Stay interested in the conversation. Remember each time you feel there is something similar to both of you, the connections with the person is established. You realise the worth of the conversation.

If the other person appears to be not interested in the conversation, leave him/her alone and move on.

Conversing in a group

If you are meeting a group for the first time, you can always say, “Hi folks! I am a first-time visitor here.” or “Hi, my name is… I am meeting you all for the first time. Can I join in the conversation?”

Or you could say, “Hi, I am ..., do you mind if I squeeze in?”

Never interrupt a conversation between two or more people. Wait for it to stop and then say something.

Always introduce a less important person to a more important person. Three things decides this.

- The person who is higher in status, professional standing, higher government official, president or CEO of a company

- A person older in age

- A woman always before man

Name the more important person first: “Mrs Gandhi, I’d like you to meet Miss Nupur. She is working with me at the bank. Nupur, she is the chair person of the Ladies Club.”

Young girls should stand up while being introduced to elders. Women should stand up to meet older women/ women higher in status/ older men. A man should always stand up to meet a woman or even if it is a man.

- Your speech should be clear and meaningful. Speak less and listen more. This will also take the focus off you and at the same time, you will be seen as a great conversationalist.

- You must think up a few topics before going to a party, they always come in handy

- Have a cursory knowledge of world affairs and news, local news and happenings

- Develop your sense of humour. Remember a few jokes or funny quotes — it makes  a conversation livelier

- To break the ice, give a compliment. But it should be genuine or look genuine. Everybody likes it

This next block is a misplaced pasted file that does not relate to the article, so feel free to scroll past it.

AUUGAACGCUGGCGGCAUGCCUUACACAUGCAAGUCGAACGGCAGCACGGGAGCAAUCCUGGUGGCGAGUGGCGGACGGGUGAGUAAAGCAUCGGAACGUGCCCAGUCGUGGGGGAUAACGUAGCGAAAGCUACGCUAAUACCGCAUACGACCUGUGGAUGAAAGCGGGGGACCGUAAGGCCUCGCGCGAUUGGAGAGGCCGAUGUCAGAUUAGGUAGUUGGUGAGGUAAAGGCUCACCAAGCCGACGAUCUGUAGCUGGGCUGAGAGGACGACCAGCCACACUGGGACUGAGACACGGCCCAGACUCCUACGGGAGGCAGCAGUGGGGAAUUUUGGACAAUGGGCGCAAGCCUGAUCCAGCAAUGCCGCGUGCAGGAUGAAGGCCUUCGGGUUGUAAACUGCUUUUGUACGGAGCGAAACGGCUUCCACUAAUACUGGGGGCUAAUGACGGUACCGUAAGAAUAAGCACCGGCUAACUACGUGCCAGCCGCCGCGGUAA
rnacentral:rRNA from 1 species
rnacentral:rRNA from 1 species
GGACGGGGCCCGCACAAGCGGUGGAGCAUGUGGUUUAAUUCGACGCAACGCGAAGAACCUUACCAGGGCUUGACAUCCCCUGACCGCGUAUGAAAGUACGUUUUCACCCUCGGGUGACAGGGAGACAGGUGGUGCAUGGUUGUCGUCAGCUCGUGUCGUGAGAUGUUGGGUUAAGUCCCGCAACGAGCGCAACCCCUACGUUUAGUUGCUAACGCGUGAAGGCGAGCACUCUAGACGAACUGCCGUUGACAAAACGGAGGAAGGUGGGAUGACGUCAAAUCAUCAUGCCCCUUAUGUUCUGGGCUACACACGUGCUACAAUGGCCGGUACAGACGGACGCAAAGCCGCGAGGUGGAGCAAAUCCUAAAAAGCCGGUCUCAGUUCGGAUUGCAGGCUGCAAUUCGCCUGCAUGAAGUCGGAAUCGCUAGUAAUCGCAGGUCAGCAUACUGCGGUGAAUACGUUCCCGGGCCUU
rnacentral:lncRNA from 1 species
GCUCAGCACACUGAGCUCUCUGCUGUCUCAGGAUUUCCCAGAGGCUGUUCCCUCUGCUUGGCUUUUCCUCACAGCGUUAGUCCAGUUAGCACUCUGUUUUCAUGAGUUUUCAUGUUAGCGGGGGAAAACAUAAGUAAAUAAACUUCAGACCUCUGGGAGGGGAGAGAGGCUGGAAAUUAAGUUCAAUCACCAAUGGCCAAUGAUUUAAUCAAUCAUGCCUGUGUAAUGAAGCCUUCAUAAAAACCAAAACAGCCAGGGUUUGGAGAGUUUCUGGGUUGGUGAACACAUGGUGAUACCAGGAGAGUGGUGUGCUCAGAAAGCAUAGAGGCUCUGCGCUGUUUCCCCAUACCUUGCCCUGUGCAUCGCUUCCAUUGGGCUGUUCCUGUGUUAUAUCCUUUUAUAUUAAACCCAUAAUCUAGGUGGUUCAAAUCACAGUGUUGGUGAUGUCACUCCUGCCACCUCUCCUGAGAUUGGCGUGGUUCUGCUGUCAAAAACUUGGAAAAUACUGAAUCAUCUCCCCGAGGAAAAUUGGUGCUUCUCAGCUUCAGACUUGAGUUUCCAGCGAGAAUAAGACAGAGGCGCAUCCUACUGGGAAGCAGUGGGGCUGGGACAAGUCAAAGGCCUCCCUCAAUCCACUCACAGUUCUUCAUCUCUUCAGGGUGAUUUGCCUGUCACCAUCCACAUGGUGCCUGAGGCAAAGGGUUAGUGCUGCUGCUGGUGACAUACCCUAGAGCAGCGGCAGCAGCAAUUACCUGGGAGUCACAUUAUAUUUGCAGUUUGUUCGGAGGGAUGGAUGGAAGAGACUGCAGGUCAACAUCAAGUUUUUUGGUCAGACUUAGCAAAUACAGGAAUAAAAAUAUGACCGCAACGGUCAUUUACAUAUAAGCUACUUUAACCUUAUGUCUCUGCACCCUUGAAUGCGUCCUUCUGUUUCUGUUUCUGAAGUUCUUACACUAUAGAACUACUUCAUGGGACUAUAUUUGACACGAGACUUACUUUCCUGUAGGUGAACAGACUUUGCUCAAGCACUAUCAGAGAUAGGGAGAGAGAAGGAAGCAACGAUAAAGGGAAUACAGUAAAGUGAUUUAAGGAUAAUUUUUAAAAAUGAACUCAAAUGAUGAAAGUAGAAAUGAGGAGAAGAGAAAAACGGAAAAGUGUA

- If you want others to be interested in you, make yourself interesting by conversation

- Be positive and enthusiastic. Try discussing your problems and see how people start excusing themselves from you


- Be negative, disrespectful, arrogant or the know-it-all type while talking to others

- Insult or use racial, religious, sexual orientation and gender slurs in front of others

- Boast about your riches or throw names in front of others

- Cut the conversation or change it to suit your likes or dislikes

- Use foul, dirty language or four-letter words. Do not use swear words

- Cut your partner in mid-sentence while he/she is talking

-Keep checking your mobile phone or texting during the conversation. It is the most insulting gesture

- Keep talking while sitting if the other person is standing and talking to you. This is bad manners. Whether the person is a junior or senior to you, if the talk has gone beyond a minute, stand up

- Look here or there when the other person is talking. Be interested in the conversation.If your eyes are drifting over the speaking partner, it shows a lack of interest

- During the conversation, if you have spotted any important person or your boss, do not leave abruptly. Excuse yourself and then leave

If you follow these tips, you will have no cause to say that you didn’t enjoy the party.